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A wide swath of Premier Christy Clark’s caucus is furious with her over the handling of a leaked memo outlining what was widely viewed as a cynical and desperate ploy by her government to woo ethnic voters.

Darryl Dyck/The Canadian Press

John Dyble, the deputy minister to B.C. Premier Christy Clark, is expected to wrap up his investigation into the ethnic voter scandal within a week. He hasn't yet interviewed his boss, and it's not clear if he ever will.

If only from an optics standpoint, it's a problematic assignment. The investigation does lead to the premier's office. Ms. Clark's deputy chief of staff has already resigned after speaking with Mr. Dyble, but there are several other names still connected with Ms. Clark's team who are named in the leaked documents.

The multicultural outreach strategy proposed breaking down the walls between the B.C. Liberals and the government in the pursuit of winning ethnic voters over to Ms. Clark's party.

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Mr. Dyble's task is to conduct interviews and review all documents and information to determine if any public resources were wrongly used to the party's advantage. The B.C. Liberals are bracing for a bill to compensate taxpayers. Right now, government insiders put the pricetag at a mere $7,000 – the cost of terminating several contractors who were apparently hired under the plan.

The NDP opposition is calling for an independent investigation, saying Mr. Dyble shouldn't be left to investigate his own employer and her closest associates. This is no official inquiry, so he cannot compel testimony from those who have left government, or those at party headquarters.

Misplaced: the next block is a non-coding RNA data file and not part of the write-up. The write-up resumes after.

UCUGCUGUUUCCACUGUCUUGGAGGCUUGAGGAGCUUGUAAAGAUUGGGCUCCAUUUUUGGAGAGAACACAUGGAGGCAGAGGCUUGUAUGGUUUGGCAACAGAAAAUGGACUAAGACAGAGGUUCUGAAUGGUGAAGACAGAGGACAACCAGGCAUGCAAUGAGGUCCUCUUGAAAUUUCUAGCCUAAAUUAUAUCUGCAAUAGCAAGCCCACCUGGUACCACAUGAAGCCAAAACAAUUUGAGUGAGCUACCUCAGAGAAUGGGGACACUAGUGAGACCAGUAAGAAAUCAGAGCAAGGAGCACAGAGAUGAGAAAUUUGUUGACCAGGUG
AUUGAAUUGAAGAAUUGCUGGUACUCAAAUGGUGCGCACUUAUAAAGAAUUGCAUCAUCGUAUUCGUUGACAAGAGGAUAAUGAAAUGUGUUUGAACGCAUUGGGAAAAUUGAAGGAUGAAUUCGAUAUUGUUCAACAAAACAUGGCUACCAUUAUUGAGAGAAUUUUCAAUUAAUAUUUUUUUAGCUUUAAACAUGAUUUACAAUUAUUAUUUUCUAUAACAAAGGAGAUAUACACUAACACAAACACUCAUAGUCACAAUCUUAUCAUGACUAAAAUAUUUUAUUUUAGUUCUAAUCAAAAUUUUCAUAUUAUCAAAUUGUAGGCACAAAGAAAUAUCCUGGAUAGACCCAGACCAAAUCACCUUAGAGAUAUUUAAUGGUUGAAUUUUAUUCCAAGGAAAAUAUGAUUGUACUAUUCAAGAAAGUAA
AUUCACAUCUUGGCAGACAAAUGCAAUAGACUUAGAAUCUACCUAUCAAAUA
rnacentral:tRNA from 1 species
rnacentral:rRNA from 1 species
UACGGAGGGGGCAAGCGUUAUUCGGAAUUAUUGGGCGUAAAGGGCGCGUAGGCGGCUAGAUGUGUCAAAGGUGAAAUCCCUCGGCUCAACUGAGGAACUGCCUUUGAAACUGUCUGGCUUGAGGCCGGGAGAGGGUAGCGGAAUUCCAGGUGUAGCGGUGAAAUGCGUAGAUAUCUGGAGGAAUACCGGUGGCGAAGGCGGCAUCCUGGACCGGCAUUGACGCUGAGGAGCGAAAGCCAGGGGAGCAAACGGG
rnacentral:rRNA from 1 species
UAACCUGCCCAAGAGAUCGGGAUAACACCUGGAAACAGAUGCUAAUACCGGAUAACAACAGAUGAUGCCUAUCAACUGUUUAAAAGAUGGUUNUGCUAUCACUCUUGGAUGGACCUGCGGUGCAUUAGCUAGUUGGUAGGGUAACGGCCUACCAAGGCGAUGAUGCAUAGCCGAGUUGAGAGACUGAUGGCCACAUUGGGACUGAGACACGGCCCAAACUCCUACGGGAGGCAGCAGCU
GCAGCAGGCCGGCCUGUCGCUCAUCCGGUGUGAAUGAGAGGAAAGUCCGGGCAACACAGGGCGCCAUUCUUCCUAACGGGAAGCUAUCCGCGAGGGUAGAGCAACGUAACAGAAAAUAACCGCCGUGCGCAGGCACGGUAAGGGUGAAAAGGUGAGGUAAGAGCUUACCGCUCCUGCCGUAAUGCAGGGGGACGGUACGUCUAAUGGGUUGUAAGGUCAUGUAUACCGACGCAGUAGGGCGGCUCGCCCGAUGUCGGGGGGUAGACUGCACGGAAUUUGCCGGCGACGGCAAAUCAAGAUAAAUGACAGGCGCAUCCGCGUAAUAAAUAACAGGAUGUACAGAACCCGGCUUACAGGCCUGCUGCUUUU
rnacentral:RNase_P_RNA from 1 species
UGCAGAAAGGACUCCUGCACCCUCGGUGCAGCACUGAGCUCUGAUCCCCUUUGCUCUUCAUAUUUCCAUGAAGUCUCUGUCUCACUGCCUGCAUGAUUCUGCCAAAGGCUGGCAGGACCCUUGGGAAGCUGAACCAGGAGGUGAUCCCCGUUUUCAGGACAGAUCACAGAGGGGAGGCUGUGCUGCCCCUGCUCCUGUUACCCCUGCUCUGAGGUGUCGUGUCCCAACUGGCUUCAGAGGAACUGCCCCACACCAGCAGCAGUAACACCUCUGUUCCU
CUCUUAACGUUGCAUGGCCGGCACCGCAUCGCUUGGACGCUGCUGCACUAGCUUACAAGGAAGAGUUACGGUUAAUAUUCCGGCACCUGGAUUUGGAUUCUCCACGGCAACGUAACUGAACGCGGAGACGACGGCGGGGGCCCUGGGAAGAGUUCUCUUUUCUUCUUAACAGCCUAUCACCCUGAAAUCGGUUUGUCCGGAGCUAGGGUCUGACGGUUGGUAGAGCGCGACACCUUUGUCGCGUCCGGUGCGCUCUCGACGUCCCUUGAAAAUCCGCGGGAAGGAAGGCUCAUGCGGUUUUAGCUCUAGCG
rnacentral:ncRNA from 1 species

But that's not the only difficulty – even an outsider would be challenged to find the paper trail, because those involved went out of their way to try to keep the paperwork offline. The plan to court ethnic voters was distributed over private e-mail – and was only made public because someone kept the documents and leaked them.

There is a pattern here in the way Ms. Clark's office operates: Don't put anything that might be compromising in writing, or if you must, use private e-mail accounts to avoid freedom of information requests.

Those tactics were confirmed the last time the premier was forced to put her office under a microscope. Her chief of staff was accused of a personal indiscretion with a junior staffer. Two weeks later, once reporters started sniffing around the story, the premier accepted Ken Boessenkool's resignation. The premier maintains the investigation was carried out properly under the authority of the public service agency, but curiously this was accomplished without a paper trail.

Ms. Clark needs Mr. Dyble to produce a credible report so that she can try to put this behind her before she must face the polls on May 14. It is likely his toughest challenge since he took the job in her office two years ago.

Justine Hunter is The Globe's B.C. legislative reporter in Victoria.

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